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Wash Journal   Fairfield Ledger
Neighbors Growing Together | Apr 20, 2018

A love for the ages

By Karyn Spory | Oct 21, 2016

“That’s the kind of love I want someday,” my 20-something nephew said to me as we watched Grandpa make his way through the crowd to her.

All I could do was nod in agreement. I didn’t know anyone in the room that would argue, but to say more would have leveled my defenses against the onset of tears that kept threatening to break the floodgate.

Many of my friends cite Lilly and Marshall from “How I Met Your Mother,” the couple from “The Notebook” or Elizabeth Bennett and Mr. Darcy from Pride and Prejudice as their romantic/relationship role models. For me, it’s always been my grandparents.

While my gram was the love of Grandpa’s life, storytelling is the love of mine. And so, I believe it’s time to tell my favorite love story.

It wasn’t love at first sight, at least not for Gram. “He was just leaning up against the car. He was so big, I was afraid, I wasn’t getting in the car with him,” I recall Gram telling me once about her first encounter with Grandpa, who in his heyday was a whopping six-foot-six. Gram eventually rode in the car with him, but only because her friend Dale was also. “He went everywhere with us,” Gram said of Dale. Eventually Gram warmed up to Grandpa. They, however, couldn’t get rid of their companion. “He went everywhere with us,” she would repeat, overly enunciated “everywhere” for her rare foray into dramatic effect.

Eventually, Uncle Sam drafted Grandpa into the Army. By July 1953 he was stationed in Indiana when he received word his leave was approved. He raced to the phone and rang his sister, Geneva.

“Tell Ruthie I’m coming home and we’re getting married,” he recounted in the same excited voice he used so many years ago.

So he thumbed his way from Indiana to Ferris, Ill., to marry his Ruthie.

“I never got a say in any of it,” Gram would retort as everyone in the room would begin melting in a puddle of feelings. She may have said it in her famous dry deadpan, but the brief smile that would involuntarily flicker on her face told you it was the best non-decision of her life.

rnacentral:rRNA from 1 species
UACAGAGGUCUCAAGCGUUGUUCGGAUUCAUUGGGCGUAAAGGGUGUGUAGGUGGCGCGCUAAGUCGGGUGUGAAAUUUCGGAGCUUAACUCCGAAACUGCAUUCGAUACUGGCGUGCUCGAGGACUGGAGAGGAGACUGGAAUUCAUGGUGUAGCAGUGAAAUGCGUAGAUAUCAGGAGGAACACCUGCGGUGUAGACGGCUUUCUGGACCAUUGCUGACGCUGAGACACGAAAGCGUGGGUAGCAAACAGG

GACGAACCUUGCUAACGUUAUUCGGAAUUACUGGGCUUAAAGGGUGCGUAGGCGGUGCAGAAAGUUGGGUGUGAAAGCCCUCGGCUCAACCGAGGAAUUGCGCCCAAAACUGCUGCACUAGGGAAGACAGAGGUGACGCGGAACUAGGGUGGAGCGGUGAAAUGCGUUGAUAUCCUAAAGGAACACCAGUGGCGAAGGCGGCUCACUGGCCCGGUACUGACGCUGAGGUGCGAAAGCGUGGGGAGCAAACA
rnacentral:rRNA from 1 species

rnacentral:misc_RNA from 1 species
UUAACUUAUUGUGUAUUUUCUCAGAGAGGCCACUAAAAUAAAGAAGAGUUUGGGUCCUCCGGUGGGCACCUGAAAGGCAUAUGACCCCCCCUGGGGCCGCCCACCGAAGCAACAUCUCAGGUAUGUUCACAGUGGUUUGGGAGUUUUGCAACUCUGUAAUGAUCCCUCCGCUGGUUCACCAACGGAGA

What made their love so impactful and special were the little things. They never fought. They bickered. And that would end when Grandpa would either say, “yes, Mom” or “love thy hun.” Whichever was most appropriate for the situation. It was the way she would roll her eyes when he’d begin singing, “Put your sweet lips a little closer to the phone.” Or how they would hold hands whenever they were sitting beside one another.

Their marriage was built on faith; their faith in each other, their faith in their decisions and their faith in the Lord.

Last year, when she was diagnosed with a debilitating lung disease, their love was Gram preparing him for a life without her.

Like most traditional 1950s wives, once the kids were born, Gram became a housewife. She cooked and cleaned and made sure the finances were in order. As Gram’s breathing became more and more labored she had to reluctantly pass the Swiffer off to Grandpa.

“You know, I can sweep and sweep and sweep and think I’ve done a good job and as soon as I put the broom away and go to sit down she says, ‘you missed one,’” he told the dietitian who came to discuss Gram’s hospital meals during one of her last stays.

“Well, you did. It was right there,” Gram said with a sly smile. It was the perkiest I’d seen her all day. She passed away a week later.

“It was a wonderful 63 years,” my grandpa said as he gently patted Gram’s hand and gave her one last kiss on the forehead before her casket was closed and we were ushered to our cars and the cemetery for the graveside services.

Gram’s funeral program was placed in a magnetic frame and sits on the front of the fridge, her rare beaming smile facing her favorite spot in the house, the stove.

“She was a beautiful woman,” he said looking at her photo. “I am a very lucky man.”

Mom joked that Grandpa may have to move Gram to the side of the fridge when he goes to cook. Grandpa just laughed and said he wants her to watch because someday he’ll impress her, until then, she’ll have a good laugh.

That’s the love story that keeps my cynical heart hopeful.

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